As they head into 2022, Leslie and the team at Ivanti are adjusting how they think about measurement, especially when targeting larger enterprise accounts. Engagement is key. “What is the engagement penetration among their key accounts? How do they determine which of those accounts are in-market versus those who aren’t? And how do they engage each of those differently? It’s also important to engage the right personas who will ultimately be participating in a buying cycle over time.” 

I too have personally noticed this shift happening with engagement. Previously, marketers would probably see these engagements happening mostly at the top of the funnel. But in this new world, we’re seeing it happening well into the bottom stages, and even into the customer lifecycle. Marketing now has an impact at every single stage, whether it’s an early awareness play or at the point of signing, thus underlining the importance of capturing and measuring these engagements.

4. Redefine Your Org Structure

Another highlight from Game Changers came from Matt Heinz sharing his new research on the marketing maturity curve and its impact on shifting B2B marketing org structures, so I checked in with the panel on this topic and how they’re approaching it in 2022.

Leslie shared that at Ivanti, Field Marketing in the traditional sense has morphed into Growth Marketing orgs. These teams feature Marketing Strategists aligned to different Sales teams based on the org’s go-to-market structure, and each of these teams has their own marketing strategies specifically aligned to their individual needs.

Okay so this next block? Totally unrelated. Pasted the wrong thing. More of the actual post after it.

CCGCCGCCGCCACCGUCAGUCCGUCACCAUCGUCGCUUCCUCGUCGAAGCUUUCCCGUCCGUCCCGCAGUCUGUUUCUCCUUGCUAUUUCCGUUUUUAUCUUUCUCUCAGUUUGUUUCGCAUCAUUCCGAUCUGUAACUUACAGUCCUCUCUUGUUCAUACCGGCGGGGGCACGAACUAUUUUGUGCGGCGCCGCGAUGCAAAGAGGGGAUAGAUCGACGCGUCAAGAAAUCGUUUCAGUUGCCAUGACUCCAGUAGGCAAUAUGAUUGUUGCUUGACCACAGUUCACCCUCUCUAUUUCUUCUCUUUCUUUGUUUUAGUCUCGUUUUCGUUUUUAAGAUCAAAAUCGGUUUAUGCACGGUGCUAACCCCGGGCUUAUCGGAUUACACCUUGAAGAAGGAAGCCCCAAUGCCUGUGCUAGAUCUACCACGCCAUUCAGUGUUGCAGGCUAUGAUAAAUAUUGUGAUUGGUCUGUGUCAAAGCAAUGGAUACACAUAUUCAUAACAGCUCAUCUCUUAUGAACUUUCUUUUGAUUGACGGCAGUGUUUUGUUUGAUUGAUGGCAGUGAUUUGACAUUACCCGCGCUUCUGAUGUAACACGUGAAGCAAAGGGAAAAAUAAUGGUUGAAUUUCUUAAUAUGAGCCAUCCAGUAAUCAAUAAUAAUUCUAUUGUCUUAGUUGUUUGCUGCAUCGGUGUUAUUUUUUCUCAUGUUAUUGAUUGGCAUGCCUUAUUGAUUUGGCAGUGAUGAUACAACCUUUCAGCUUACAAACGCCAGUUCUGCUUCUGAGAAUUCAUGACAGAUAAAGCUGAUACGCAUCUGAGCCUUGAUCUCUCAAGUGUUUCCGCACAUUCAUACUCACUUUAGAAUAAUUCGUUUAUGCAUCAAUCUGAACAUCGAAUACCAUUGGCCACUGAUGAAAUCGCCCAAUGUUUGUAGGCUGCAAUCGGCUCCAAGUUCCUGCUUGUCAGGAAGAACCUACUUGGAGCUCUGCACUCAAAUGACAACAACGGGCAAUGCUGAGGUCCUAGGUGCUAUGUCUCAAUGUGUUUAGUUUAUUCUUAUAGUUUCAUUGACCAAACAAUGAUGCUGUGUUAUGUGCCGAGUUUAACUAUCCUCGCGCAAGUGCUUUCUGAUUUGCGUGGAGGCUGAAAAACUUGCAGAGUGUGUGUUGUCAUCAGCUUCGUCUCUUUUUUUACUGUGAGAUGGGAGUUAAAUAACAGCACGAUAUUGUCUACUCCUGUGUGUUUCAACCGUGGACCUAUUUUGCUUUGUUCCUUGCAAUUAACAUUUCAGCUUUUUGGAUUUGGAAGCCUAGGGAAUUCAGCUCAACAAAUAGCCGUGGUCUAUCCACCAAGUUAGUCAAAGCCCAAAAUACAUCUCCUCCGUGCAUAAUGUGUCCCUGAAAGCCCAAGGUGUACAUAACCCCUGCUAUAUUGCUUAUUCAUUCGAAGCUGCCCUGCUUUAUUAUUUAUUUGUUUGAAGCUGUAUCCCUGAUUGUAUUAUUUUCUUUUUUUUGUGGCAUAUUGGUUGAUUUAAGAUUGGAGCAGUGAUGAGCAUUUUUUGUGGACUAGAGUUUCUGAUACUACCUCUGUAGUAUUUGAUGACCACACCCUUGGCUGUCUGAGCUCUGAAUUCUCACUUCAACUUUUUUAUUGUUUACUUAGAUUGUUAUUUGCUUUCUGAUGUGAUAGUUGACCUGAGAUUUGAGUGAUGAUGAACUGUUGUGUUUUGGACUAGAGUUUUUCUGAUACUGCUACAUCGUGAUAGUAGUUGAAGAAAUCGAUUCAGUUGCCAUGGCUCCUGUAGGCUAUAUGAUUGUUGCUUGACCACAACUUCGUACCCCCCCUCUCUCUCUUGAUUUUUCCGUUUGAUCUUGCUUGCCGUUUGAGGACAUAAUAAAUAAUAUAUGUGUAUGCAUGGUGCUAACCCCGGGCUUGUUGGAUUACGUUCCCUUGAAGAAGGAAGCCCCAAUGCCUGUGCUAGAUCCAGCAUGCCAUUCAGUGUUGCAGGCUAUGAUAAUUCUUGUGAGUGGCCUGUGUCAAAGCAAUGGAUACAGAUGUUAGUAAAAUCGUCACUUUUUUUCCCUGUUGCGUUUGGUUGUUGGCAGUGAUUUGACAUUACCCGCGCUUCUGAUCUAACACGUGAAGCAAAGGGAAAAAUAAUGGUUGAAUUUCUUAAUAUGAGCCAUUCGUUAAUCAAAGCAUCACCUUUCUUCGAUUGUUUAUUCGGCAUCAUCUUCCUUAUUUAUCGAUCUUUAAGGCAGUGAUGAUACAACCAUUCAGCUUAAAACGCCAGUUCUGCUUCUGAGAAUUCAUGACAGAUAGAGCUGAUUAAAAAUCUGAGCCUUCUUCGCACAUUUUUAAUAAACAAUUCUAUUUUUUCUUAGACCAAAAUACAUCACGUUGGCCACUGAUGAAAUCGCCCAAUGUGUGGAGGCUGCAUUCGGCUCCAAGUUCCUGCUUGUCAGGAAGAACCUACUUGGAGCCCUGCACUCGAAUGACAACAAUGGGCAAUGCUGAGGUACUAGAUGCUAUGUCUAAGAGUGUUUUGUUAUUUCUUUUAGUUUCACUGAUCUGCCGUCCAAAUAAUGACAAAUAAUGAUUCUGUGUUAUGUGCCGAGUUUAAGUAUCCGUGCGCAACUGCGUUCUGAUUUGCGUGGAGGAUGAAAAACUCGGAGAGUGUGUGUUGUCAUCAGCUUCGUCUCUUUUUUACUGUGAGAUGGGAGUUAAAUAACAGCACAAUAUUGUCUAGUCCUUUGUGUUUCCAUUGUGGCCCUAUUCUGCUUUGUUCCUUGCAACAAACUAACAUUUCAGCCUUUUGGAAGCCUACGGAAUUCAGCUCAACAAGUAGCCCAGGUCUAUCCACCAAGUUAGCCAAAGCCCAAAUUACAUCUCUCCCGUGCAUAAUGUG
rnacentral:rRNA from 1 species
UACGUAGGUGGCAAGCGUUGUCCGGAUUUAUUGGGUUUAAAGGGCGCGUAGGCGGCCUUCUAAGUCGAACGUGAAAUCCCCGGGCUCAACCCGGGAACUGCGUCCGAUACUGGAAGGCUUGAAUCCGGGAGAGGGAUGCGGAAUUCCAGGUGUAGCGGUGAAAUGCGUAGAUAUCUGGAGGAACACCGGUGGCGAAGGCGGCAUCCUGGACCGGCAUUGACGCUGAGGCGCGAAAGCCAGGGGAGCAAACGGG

She also stressed that Marketing Operations teams are more important than ever. “The reason this is so critical is because our entire marketing operations foundation, our tech stack, our processes, the way we measure needs to be designed within service of that strategy, they need to be tightly intertwined,” said Leslie. 

Lifecycle Marketing has also taken precedence as teams start to think more holistically about the buyer’s journey for Cassandra and the team and LinkedIn. B2B marketers are discovering that "The pre-sales and post-sales journeys are actually a lot closer to each other than we previously thought, particularly in this online self-serve world.”

Finally, Jess shares that at Podium they are bringing in Campaign Strategist roles to prevent tactics from operating in isolation. The strategists evaluate the prospect journey and all its touches, then develop a centralized vision and campaign-themed goals for all the marketing stakeholders to align to.

5. Tech Stack Redux

Considering all these above notions, how should marketers then start to consider their tech stacks? There needs to be a shift away from technology in silos, especially as teams embrace omnichannel strategies and increase collaboration.

“Similar to how Sales should anchor around people, process and productivity, I believe that the order of operations for revenue marketing tech should be people, process THEN technology. Don’t go for the tech to solve your problems. Ensure that you have the people and process set up, which the tech can then help you solve for your particular challenge,” said Jess Weimer.

At Podium, Jess considers it important that teams understand the challenges they face in accessing their targets. They can then vet their tech stacks to understand what they are capable of and align them to their actual pain points and processes. This will save the org time and money, as opposed to bringing on the tech first and then creating a process to account for the fact that they brought it on.

Looking Ahead

As we embark upon 2022 and continue to adapt to our ever-changing B2B world, it’s important to pause, reflect on what we’ve learned, and discover how we can continue to evolve and grow. The pandemic has changed the game, and with the knowledge that we’ve gained by navigating this new world for the past two years, we marketers now have the wisdom to move forward. We have the opportunity to up-level our strategies toward a new era of B2B Precision Demand Marketing. Click now to view the entire panel and to view all our other sessions on demand.